Getting only stereo sound via HDMI instead of 5.1

darkflame91

Honorable
Oct 5, 2013
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Hi all,
I've been struggling with this problem for a few days now. I've scoured the net looking for solutions, but nothing seems to work. I'd really appreciate some help with this.

My setup is like so:

Code:
[SOURCE] ---<HDMI Cable>---Audio Extractor ---<HDMI Cable>----Projector
              .                            +---<SPDIF>-----------5.1 Speakers
My source is one of these three:

    A Windows 10 Laptop with HDMI coming from Intel HD4000


    A Macbook Air with Thunderbolt, and a DisplayPort-to-HDMI cable


    A PS3 connected via HDMI


When using the Win10 or Mac, Audio settings show only Stereo, with no option of changing it.
However, when the PS3 is connected, and I've set the appropriate settings(Audio from HDMI etc), I get full surround sound.
How do I enable these on the other two? I would prefer on the Mac, but either one will do.

Please note that I'm looking for proper surround sound, not just virtual surround of stereo audio.
Thank you
 

thee_prisoner

Distinguished
IF your source is stereo 2.0 and the only way to get surround sound is by virtual surround.

And most laptops don't have the DAC to do 5.1 and up. SPDIF can only handle 2.1, it doesn't have the bandwidth to do 5.1 and up so the other channels aren't true discreet 5.1/etc.

If this is for gaming, true discreet surround doesn't exist like a movie or multi-channel audio disk. Games use sound clues and make sounds on the fly.

I'm really not sure what you're trying to do so more information is needed.

Happy listening, the Prisoner...

 
Is all on the software Player you are using, and what file format. With a multi-track video file and a player able to choose which track (stereo, surround, other language etc just like playing from a disc) it should work.

VLC is often mentioned as a versatile media player on both Win and OSX.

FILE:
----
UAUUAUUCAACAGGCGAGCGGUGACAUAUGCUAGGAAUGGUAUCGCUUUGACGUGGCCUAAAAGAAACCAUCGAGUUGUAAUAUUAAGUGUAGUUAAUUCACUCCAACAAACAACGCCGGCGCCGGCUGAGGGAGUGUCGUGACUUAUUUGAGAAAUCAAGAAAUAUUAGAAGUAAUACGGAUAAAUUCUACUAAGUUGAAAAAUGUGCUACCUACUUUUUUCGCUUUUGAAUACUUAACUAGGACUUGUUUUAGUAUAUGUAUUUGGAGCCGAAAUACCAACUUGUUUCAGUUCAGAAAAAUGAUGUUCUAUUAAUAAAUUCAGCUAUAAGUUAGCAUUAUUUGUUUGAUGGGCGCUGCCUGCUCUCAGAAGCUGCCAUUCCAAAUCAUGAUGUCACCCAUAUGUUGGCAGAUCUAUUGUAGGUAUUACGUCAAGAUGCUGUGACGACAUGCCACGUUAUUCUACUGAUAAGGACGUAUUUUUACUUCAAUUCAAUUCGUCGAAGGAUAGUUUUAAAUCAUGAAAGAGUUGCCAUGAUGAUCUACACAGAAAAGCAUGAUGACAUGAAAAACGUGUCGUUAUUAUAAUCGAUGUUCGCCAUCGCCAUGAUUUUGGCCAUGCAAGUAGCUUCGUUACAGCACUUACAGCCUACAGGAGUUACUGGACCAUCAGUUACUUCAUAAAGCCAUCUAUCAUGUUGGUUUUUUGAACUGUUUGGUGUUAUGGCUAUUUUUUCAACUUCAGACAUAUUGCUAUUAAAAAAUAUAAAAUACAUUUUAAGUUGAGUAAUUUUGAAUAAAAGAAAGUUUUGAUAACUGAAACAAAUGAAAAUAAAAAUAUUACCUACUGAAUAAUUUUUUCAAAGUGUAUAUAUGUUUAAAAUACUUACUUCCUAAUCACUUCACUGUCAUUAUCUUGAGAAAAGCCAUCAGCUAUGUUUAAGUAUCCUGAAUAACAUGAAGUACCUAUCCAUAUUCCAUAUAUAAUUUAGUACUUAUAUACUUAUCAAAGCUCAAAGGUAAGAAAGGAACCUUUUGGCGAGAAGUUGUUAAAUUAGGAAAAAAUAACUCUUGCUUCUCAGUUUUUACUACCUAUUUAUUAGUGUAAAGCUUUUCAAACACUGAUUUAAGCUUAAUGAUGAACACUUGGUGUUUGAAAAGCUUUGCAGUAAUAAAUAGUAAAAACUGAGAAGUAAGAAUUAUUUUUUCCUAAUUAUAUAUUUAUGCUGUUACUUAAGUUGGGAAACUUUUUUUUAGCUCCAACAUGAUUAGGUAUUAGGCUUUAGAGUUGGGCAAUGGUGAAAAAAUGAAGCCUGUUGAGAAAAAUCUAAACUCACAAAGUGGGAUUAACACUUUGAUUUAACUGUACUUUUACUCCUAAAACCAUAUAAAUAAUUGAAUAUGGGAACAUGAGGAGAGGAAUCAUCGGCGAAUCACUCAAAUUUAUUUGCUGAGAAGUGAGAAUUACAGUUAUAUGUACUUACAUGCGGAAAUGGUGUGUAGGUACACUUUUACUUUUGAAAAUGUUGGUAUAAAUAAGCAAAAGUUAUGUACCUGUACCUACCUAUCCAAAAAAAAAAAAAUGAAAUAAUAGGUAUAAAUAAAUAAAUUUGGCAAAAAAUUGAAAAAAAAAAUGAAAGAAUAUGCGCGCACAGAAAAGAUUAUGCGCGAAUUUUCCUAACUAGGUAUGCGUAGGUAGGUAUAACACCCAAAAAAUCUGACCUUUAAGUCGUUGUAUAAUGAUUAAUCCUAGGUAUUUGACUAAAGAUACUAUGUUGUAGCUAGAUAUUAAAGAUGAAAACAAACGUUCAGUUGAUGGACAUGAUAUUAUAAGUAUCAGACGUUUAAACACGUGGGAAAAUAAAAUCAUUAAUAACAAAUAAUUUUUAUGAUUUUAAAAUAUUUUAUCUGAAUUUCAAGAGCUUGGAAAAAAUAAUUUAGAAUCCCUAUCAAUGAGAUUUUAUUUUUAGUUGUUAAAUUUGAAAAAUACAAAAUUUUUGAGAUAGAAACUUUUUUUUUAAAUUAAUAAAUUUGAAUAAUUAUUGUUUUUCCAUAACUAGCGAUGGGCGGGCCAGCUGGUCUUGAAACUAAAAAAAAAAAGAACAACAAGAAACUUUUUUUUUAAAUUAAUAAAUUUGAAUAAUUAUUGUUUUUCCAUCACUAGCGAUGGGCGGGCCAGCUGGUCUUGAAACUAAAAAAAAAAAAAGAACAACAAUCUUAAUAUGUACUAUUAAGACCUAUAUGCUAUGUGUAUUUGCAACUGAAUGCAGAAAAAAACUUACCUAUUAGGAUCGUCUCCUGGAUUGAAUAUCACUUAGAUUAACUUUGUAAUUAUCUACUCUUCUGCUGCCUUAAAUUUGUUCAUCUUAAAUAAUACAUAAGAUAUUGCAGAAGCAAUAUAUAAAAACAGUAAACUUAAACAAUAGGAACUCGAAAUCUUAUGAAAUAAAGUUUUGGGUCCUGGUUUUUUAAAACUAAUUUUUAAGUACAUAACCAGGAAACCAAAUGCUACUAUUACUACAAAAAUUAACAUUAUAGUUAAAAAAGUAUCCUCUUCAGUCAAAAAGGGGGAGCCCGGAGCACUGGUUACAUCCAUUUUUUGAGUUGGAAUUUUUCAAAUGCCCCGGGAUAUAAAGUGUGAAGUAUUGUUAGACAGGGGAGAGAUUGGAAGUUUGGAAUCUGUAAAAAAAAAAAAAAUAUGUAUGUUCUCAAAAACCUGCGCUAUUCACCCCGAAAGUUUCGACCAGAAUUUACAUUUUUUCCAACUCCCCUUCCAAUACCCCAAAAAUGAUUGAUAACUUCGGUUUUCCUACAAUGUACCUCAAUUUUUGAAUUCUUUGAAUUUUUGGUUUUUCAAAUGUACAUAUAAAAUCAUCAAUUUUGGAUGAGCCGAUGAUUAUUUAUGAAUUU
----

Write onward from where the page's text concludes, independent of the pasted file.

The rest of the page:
jeff_35

Commendable
Feb 21, 2016
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spdif will carry pcm 5.1 or Dolby 5.1 just fine. almost ALL source are in 2/2.1. that makes it hard to get 5.1. pcm format is re encoded from a source; ie: cd, dvd ,etc. the 2/2.1 is stereo with image settings, used to produce pcm 5.1. dolby is done in the same way, but only on licensed hardware and or software.
check ps3 sound setting, i bet pcm is turned on.
 

darkflame91

Honorable
Oct 5, 2013
2
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10,510
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Okay, I finally figured it out myself.
With Win10 or Mac, when connected, the settings are always going to show Stereo, because that represents the number of PCM channels and NOT the actual number of channels that it can handle. SPDIF can handle only 2 PCM channels, but 5.1 Dolby/AC3 channels. The 5.1 channels can be transmitted even if it states Stereo in the settings, as long as it is encoded as expected. My HDMI Audio Extractor for eg, expected surround audio data to be in AC3. Videos that had audio encoded in say, AAC would only play as stereo. To solve this, I've been using Kodi (Previously known as XMBC). It has settings that convert audio to AC3 on the fly while playing videos. This way I can get TRUE surround sound, not just doubling the front speaker data in the side speakers.
I've looked for a way to enable this on VLC, but apparently, its not too straightforward, and I'm happy with Kodi.
I've noticed that tons of people have faced this problem online, so I hope this helps whoever else is looking for help on this subject. If anyone's reading this thread in the future and looking for help setting up, feel free to ask. :)
 

jeff_35

Commendable
Feb 21, 2016
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1,560
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spdif, PCM is converted from 2 channel digital to 1,2,3,4,5,6 analog audio streams. its so common almost everything supports it .
 

thee_prisoner

Distinguished
[/quotemsg]

spdif, PCM is converted from 2 channel digital to 1,2,3,4,5,6 analog audio streams. its so common almost everything supports it . [/quotemsg]

I misspoke, SDPIF can do 2.0 uncompressed.

The protocol used to send and receive audio over optical connections (Sony / Philips Digital Interchange Format, or S/PDIF) does not allow for more than two LPCM channels to be present at the same time. It does however allow for a Dolby Digital or DTS bitstream to be sent. HDMI has similar features, but allows up to 8 LPCM channels to be present at the same time. So, when connecting a surround system via optical, the source must be in the form of a Dolby Digital or DTS bitstream, either recorded or generated in real time. When connecting a surround system via HDMI no such constraint exists, so the source can be up to 8 channel LPCM, Dolby Digital, or DTS. Most receivers will figure out which it is receiving and handle it appropriately.

I'm somewhat of an audiophile person so I prefer something better.


It's a very confusing topic and I wish they would get rid of the Optical format and just go HDMI.

Happy listening, the Prisoner...
 

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